A commemorative postage stamp on the Birth Anniversary of Dr. Mahendra Lal Sarkar :
Issued by India
Issued on Nov 2, 2009
Issued for : India Post is proud to issue a Commemorative Postage Stamp on Mahendralal Sircar.
Designed by : Alka Sharma
Type : Stamp, Mint Condition
Watermark : No
Colour : Multicoloured
Denomination : 500 Paise
Stamps Printed : 0.4 Million
Printing Process : Photogravure
Printers : India Security Press, Nasik
Name : Mahendra Lal Sarkar
Born on Nov 2, 1833 at Paikpara, Howrah district, West Bengal, India
Died on Feb 23, 1904 at Calcutta, India
- Dr. Mahendralal Sircar, CIE, MD, DL was not only the greatest homeopath of his time but also a scientist. Born on 2nd November, 1833 at Paikpara village in Howrah district, near Calcutta (now known as Kolkata) in the Bengal Province of British India, he lost both his parents very early in life. He was brought up by his maternal uncles, Iswar Chandra Ghosh and Mahesh Chandra Ghosh in their house at Nebutala in Calcutta. In 1849, he passed the junior scholarship examination and joined Hindu College, where he studied up to 1854. At that time, Hindu College did not have facilities for teaching science and as he was bent upon studying medicine, he transferred to Calcutta Medical College. He obtained IMS in 1861 and MD degrees in 1863. He and Jagabandhu Bose were the second MDs of the Calcutta University after Chandrakumar De (1862).
- Although educated in the traditional European system of medicine, Mahendralal Sircar turned to homeopathy. He was influenced by reading William Morgan’s ‘The Philosophy of Homeopathy’, and by interaction with Rajendralal Dutt, a leading homeopath practitioner of Calcutta. Indeed, in a meeting of the Bengal branch of the British Medical Association, he proclaimed homeopathy to be superior to the “Western medicine” of the time. Consequently, he was ostracised by the British doctors, and had to undergo loss in practice for some time. However, soon he regained his practice and went on to become a leading homeopath practitioner in Calcutta, as well as in India. In the course of his career, he treated several notable persons of those days, including the author Bankim Chandra Chattopadhyay, the saintly Ramakrishna Paramahansa, the Maharaja of Tripura and others.
- Mahendralal Sircar started a campaign in 1867 for a National Science Association. He planned for an association that would be founded, run, and managed by Indians themselves aimed at creating a pool of scientists for national reconstruction. The Indian Association for the Cultivation of Science (IACS) was established in 1876, with Sircar as its first director. IACS was the first national science association of India. Basic science departments such as Physics, Chemistry, Mathematics, Physiology, Geology, Botany etc. were established, and notable Indian scientists participated in the association. Regular lectures and demonstrations were arranged for the public in order to popularise science. The IACS became the platform for many future scientists of India, including the Nobel Prize winner Sir C. V. Raman, K. S. Krishnan and Meghnad Saha.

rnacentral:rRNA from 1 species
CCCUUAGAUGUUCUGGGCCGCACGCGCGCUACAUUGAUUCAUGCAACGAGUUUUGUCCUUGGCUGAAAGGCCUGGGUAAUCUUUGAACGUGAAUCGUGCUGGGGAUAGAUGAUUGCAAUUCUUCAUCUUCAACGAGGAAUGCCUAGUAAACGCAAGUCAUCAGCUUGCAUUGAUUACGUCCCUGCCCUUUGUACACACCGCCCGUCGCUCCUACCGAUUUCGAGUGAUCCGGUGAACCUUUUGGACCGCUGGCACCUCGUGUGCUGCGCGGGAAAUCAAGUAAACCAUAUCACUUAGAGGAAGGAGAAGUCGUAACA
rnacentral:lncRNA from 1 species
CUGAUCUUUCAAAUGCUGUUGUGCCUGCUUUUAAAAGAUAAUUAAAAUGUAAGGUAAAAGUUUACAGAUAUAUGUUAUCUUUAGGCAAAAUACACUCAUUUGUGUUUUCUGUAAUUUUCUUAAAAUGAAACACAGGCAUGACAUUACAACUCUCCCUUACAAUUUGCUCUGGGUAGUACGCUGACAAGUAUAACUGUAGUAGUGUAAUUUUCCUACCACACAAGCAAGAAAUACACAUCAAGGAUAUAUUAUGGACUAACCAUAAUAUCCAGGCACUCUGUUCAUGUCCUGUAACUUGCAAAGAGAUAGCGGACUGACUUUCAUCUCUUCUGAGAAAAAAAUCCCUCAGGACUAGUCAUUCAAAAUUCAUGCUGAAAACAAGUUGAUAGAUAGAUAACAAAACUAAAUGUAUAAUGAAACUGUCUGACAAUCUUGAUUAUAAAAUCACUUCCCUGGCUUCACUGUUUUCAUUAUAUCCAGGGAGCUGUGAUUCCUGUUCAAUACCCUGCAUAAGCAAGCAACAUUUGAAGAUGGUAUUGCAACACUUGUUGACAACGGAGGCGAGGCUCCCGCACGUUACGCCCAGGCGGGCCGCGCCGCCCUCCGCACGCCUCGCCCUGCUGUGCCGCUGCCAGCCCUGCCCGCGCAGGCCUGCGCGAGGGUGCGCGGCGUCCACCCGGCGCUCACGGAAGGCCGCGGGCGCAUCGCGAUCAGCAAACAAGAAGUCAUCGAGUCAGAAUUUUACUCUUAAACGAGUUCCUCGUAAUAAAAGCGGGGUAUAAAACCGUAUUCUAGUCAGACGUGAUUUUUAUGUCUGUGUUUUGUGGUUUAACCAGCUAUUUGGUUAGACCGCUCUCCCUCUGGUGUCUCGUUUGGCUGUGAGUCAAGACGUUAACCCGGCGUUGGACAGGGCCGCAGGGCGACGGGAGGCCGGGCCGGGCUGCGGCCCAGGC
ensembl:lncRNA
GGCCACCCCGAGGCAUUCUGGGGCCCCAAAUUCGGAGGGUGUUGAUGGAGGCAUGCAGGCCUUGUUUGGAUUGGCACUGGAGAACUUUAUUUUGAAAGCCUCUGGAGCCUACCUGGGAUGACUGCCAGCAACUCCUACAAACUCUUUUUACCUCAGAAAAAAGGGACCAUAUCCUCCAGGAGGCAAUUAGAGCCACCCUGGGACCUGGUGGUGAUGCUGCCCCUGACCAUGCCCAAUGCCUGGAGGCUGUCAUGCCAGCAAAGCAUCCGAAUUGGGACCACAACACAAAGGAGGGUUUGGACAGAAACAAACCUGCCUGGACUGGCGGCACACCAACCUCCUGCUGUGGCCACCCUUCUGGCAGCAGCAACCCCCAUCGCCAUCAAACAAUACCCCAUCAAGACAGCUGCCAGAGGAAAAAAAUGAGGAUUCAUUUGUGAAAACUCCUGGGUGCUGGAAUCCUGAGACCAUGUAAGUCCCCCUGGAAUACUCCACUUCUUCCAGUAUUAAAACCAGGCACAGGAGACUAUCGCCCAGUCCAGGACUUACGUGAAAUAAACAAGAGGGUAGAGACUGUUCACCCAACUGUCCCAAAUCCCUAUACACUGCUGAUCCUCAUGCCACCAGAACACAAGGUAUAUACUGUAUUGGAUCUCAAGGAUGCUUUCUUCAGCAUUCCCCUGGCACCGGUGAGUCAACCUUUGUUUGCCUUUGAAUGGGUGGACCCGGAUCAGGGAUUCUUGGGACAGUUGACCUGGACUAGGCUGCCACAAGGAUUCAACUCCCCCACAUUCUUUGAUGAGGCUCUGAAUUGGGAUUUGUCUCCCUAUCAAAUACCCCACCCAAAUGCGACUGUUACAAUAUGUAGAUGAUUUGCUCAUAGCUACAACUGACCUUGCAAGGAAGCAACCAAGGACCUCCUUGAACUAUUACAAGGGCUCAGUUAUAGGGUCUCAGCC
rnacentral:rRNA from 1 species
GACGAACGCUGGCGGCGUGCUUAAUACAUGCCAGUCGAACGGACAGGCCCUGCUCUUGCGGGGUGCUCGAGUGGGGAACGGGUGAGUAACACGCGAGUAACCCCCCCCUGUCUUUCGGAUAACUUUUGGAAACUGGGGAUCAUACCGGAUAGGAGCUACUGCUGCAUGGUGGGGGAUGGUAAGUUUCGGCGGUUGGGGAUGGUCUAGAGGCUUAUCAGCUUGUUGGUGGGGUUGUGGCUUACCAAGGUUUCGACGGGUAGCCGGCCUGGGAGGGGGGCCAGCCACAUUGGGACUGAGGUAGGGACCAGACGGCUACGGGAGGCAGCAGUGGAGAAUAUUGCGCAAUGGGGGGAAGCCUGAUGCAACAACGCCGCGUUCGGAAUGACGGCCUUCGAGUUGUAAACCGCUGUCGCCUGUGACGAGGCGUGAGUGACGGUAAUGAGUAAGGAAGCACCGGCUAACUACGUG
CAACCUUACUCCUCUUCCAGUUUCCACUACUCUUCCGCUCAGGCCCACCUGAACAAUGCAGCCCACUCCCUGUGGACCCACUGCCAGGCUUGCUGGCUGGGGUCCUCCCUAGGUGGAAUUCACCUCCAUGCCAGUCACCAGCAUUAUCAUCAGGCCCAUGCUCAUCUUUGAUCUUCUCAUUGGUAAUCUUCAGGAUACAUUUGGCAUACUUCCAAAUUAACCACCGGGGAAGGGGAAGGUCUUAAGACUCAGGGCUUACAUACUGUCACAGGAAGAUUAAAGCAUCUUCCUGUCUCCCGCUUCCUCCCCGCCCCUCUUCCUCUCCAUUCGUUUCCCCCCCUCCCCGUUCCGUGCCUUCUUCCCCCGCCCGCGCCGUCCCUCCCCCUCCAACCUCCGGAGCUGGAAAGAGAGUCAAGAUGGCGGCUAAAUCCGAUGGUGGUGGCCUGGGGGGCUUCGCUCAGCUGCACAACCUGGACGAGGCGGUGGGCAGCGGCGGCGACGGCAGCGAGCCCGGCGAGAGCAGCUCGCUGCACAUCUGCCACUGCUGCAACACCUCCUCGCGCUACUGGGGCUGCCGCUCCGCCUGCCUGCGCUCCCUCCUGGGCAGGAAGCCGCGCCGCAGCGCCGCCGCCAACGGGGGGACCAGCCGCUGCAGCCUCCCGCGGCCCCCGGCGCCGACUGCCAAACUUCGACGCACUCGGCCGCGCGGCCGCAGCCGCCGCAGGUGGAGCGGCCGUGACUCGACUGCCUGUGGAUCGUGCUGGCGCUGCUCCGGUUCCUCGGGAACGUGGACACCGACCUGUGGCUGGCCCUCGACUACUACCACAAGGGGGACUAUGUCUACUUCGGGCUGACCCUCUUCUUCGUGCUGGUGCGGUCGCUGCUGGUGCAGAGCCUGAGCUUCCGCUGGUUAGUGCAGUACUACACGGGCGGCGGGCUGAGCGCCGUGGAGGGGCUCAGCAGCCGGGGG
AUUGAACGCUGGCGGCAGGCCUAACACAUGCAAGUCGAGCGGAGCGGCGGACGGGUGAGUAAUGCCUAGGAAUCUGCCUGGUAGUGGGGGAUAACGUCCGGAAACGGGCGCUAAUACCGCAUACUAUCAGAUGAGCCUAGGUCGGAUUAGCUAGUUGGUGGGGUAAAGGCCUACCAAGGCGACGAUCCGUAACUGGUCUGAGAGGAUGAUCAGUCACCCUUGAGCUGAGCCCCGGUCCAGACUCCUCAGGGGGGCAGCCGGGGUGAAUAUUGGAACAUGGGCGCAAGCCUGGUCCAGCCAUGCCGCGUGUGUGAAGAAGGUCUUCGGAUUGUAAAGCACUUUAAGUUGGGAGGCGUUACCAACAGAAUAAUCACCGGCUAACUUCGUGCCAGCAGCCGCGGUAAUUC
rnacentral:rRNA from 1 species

- Mahendralal supported women’s education in nineteenth century India, when higher education among women was rare. For example, he was a supporter of Abala Bose’s decision to pursue study of medicine in Madras Medical College instead of Calcutta Medical College where admission of females was not permitted. He also arranged for Sarala Devi Chaudhurani’s attendance in the evening lectures in IACS, so that she could pursue higher studies in Physics.
- He was a fellow of Calcutta University, an honorary magistrate and Sheriff of Calcutta (1887). He was made a C.I.E. in 1883 and honoured with a doctor of law degree by Calcutta University in 1898.
- Recurrent malarial fever and bronchial asthma clouded the evening of his life and he died on February 23, 1904.
- Text : As per the material provided by the proponent.